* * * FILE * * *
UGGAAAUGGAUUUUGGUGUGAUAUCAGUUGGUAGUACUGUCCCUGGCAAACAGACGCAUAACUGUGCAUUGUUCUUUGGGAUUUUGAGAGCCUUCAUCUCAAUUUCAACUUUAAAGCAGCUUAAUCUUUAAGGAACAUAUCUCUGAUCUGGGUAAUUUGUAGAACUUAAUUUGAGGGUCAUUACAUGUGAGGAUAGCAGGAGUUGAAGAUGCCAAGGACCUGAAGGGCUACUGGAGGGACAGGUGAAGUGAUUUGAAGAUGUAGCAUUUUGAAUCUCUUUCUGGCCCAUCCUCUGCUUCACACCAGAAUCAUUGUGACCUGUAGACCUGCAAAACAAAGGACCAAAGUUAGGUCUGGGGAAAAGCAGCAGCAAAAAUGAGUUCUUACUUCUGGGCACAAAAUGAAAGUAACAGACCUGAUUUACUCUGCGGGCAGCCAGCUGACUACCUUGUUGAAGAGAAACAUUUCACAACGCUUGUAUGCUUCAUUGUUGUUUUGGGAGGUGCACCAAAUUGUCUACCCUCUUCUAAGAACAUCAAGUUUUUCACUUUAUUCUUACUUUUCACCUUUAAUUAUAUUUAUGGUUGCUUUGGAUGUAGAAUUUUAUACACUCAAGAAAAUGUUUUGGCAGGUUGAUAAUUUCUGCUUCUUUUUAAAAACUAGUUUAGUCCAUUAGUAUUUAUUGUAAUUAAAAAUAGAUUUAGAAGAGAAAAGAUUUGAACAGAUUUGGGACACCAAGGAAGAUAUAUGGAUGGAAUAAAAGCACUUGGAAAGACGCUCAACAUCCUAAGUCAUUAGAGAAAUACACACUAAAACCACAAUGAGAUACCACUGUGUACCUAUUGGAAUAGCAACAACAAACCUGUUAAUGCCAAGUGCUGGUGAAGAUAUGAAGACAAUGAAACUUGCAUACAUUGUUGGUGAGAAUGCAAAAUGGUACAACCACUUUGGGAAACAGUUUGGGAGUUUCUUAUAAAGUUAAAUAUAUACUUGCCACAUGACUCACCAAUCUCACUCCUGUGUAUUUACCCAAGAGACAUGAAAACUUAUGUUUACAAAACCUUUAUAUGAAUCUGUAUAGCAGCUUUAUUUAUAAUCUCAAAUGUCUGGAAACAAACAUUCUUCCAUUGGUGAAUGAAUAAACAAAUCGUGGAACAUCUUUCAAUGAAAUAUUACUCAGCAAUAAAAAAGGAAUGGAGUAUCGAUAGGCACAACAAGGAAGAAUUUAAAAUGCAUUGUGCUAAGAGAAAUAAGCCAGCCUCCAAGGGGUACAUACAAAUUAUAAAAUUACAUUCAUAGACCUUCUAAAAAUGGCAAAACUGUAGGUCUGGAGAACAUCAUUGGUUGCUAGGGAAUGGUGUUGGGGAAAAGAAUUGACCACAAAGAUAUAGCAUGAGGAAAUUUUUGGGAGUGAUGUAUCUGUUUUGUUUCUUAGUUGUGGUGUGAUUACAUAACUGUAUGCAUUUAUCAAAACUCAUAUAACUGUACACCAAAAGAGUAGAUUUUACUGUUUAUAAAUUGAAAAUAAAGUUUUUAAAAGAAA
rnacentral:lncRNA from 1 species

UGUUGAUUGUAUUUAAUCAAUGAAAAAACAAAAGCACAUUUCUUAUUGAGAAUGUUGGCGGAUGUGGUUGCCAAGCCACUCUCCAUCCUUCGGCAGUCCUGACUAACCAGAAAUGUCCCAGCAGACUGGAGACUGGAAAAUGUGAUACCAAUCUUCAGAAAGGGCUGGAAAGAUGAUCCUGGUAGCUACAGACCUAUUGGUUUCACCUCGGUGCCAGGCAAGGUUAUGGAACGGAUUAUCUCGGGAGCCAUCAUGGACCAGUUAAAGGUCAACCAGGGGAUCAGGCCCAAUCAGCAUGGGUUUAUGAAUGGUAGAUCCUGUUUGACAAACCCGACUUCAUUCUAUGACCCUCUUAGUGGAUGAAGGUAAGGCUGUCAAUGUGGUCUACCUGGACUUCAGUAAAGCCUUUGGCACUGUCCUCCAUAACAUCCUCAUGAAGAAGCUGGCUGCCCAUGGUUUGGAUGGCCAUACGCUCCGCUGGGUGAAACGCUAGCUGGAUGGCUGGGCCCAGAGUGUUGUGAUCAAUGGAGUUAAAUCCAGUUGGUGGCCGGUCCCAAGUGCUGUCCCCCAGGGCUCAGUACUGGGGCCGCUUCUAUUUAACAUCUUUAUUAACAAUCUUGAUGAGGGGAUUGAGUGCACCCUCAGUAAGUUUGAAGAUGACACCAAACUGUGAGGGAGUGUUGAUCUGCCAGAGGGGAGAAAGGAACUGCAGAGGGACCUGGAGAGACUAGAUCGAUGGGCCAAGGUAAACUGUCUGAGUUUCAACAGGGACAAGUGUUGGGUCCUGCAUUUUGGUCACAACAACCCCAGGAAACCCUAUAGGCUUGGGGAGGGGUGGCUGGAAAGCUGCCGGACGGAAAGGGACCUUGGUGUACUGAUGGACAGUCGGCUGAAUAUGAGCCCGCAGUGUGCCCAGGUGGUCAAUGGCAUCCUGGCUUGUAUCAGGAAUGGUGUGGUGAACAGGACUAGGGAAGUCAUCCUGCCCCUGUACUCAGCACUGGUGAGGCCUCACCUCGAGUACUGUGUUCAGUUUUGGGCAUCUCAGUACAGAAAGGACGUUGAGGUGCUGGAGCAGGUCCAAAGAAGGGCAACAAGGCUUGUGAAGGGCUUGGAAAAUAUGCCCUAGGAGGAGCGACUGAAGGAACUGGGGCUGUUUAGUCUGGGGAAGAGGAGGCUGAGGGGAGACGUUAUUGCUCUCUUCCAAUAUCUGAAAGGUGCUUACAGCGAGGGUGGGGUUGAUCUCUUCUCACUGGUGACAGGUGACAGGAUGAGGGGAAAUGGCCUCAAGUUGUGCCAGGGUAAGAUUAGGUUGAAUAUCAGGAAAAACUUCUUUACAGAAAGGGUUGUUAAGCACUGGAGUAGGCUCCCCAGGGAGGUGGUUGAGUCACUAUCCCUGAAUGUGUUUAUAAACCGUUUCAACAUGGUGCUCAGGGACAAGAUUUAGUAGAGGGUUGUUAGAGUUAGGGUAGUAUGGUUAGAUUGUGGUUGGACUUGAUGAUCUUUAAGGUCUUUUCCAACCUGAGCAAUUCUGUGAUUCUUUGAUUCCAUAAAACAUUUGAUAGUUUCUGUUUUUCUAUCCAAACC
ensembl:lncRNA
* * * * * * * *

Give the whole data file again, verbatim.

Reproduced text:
UGGAAAUGGAUUUUGGUGUGAUAUCAGUUGGUAGUACUGUCCCUGGCAAACAGACGCAUAACUGUGCAUUGUUCUUUGGGAUUUUGAGAGCCUUCAUCUCAAUUUCAACUUUAAAGCAGCUUAAUCUUUAAGGAACAUAUCUCUGAUCUGGGUAAUUUGUAGAACUUAAUUUGAGGGUCAUUACAUGUGAGGAUAGCAGGAGUUGAAGAUGCCAAGGACCUGAAGGGCUACUGGAGGGACAGGUGAAGUGAUUUGAAGAUGUAGCAUUUUGAAUCUCUUUCUGGCCCAUCCUCUGCUUCACACCAGAAUCAUUGUGACCUGUAGACCUGCAAAACAAAGGACCAAAGUUAGGUCUGGGGAAAAGCAGCAGCAAAAAUGAGUUCUUACUUCUGGGCACAAAAUGAAAGUAACAGACCUGAUUUACUCUGCGGGCAGCCAGCUGACUACCUUGUUGAAGAGAAACAUUUCACAACGCUUGUAUGCUUCAUUGUUGUUUUGGGAGGUGCACCAAAUUGUCUACCCUCUUCUAAGAACAUCAAGUUUUUCACUUUAUUCUUACUUUUCACCUUUAAUUAUAUUUAUGGUUGCUUUGGAUGUAGAAUUUUAUACACUCAAGAAAAUGUUUUGGCAGGUUGAUAAUUUCUGCUUCUUUUUAAAAACUAGUUUAGUCCAUUAGUAUUUAUUGUAAUUAAAAAUAGAUUUAGAAGAGAAAAGAUUUGAACAGAUUUGGGACACCAAGGAAGAUAUAUGGAUGGAAUAAAAGCACUUGGAAAGACGCUCAACAUCCUAAGUCAUUAGAGAAAUACACACUAAAACCACAAUGAGAUACCACUGUGUACCUAUUGGAAUAGCAACAACAAACCUGUUAAUGCCAAGUGCUGGUGAAGAUAUGAAGACAAUGAAACUUGCAUACAUUGUUGGUGAGAAUGCAAAAUGGUACAACCACUUUGGGAAACAGUUUGGGAGUUUCUUAUAAAGUUAAAUAUAUACUUGCCACAUGACUCACCAAUCUCACUCCUGUGUAUUUACCCAAGAGACAUGAAAACUUAUGUUUACAAAACCUUUAUAUGAAUCUGUAUAGCAGCUUUAUUUAUAAUCUCAAAUGUCUGGAAACAAACAUUCUUCCAUUGGUGAAUGAAUAAACAAAUCGUGGAACAUCUUUCAAUGAAAUAUUACUCAGCAAUAAAAAAGGAAUGGAGUAUCGAUAGGCACAACAAGGAAGAAUUUAAAAUGCAUUGUGCUAAGAGAAAUAAGCCAGCCUCCAAGGGGUACAUACAAAUUAUAAAAUUACAUUCAUAGACCUUCUAAAAAUGGCAAAACUGUAGGUCUGGAGAACAUCAUUGGUUGCUAGGGAAUGGUGUUGGGGAAAAGAAUUGACCACAAAGAUAUAGCAUGAGGAAAUUUUUGGGAGUGAUGUAUCUGUUUUGUUUCUUAGUUGUGGUGUGAUUACAUAACUGUAUGCAUUUAUCAAAACUCAUAUAACUGUACACCAAAAGAGUAGAUUUUACUGUUUAUAAAUUGAAAAUAAAGUUUUUAAAAGAAA
rnacentral:lncRNA from 1 species

UGUUGAUUGUAUUUAAUCAAUGAAAAAACAAAAGCACAUUUCUUAUUGAGAAUGUUGGCGGAUGUGGUUGCCAAGCCACUCUCCAUCCUUCGGCAGUCCUGACUAACCAGAAAUGUCCCAGCAGACUGGAGACUGGAAAAUGUGAUACCAAUCUUCAGAAAGGGCUGGAAAGAUGAUCCUGGUAGCUACAGACCUAUUGGUUUCACCUCGGUGCCAGGCAAGGUUAUGGAACGGAUUAUCUCGGGAGCCAUCAUGGACCAGUUAAAGGUCAACCAGGGGAUCAGGCCCAAUCAGCAUGGGUUUAUGAAUGGUAGAUCCUGUUUGACAAACCCGACUUCAUUCUAUGACCCUCUUAGUGGAUGAAGGUAAGGCUGUCAAUGUGGUCUACCUGGACUUCAGUAAAGCCUUUGGCACUGUCCUCCAUAACAUCCUCAUGAAGAAGCUGGCUGCCCAUGGUUUGGAUGGCCAUACGCUCCGCUGGGUGAAACGCUAGCUGGAUGGCUGGGCCCAGAGUGUUGUGAUCAAUGGAGUUAAAUCCAGUUGGUGGCCGGUCCCAAGUGCUGUCCCCCAGGGCUCAGUACUGGGGCCGCUUCUAUUUAACAUCUUUAUUAACAAUCUUGAUGAGGGGAUUGAGUGCACCCUCAGUAAGUUUGAAGAUGACACCAAACUGUGAGGGAGUGUUGAUCUGCCAGAGGGGAGAAAGGAACUGCAGAGGGACCUGGAGAGACUAGAUCGAUGGGCCAAGGUAAACUGUCUGAGUUUCAACAGGGACAAGUGUUGGGUCCUGCAUUUUGGUCACAACAACCCCAGGAAACCCUAUAGGCUUGGGGAGGGGUGGCUGGAAAGCUGCCGGACGGAAAGGGACCUUGGUGUACUGAUGGACAGUCGGCUGAAUAUGAGCCCGCAGUGUGCCCAGGUGGUCAAUGGCAUCCUGGCUUGUAUCAGGAAUGGUGUGGUGAACAGGACUAGGGAAGUCAUCCUGCCCCUGUACUCAGCACUGGUGAGGCCUCACCUCGAGUACUGUGUUCAGUUUUGGGCAUCUCAGUACAGAAAGGACGUUGAGGUGCUGGAGCAGGUCCAAAGAAGGGCAACAAGGCUUGUGAAGGGCUUGGAAAAUAUGCCCUAGGAGGAGCGACUGAAGGAACUGGGGCUGUUUAGUCUGGGGAAGAGGAGGCUGAGGGGAGACGUUAUUGCUCUCUUCCAAUAUCUGAAAGGUGCUUACAGCGAGGGUGGGGUUGAUCUCUUCUCACUGGUGACAGGUGACAGGAUGAGGGGAAAUGGCCUCAAGUUGUGCCAGGGUAAGAUUAGGUUGAAUAUCAGGAAAAACUUCUUUACAGAAAGGGUUGUUAAGCACUGGAGUAGGCUCCCCAGGGAGGUGGUUGAGUCACUAUCCCUGAAUGUGUUUAUAAACCGUUUCAACAUGGUGCUCAGGGACAAGAUUUAGUAGAGGGUUGUUAGAGUUAGGGUAGUAUGGUUAGAUUGUGGUUGGACUUGAUGAUCUUUAAGGUCUUUUCCAACCUGAGCAAUUCUGUGAUUCUUUGAUUCCAUAAAACAUUUGAUAGUUUCUGUUUUUCUAUCCAAACC
ensembl:lncRNA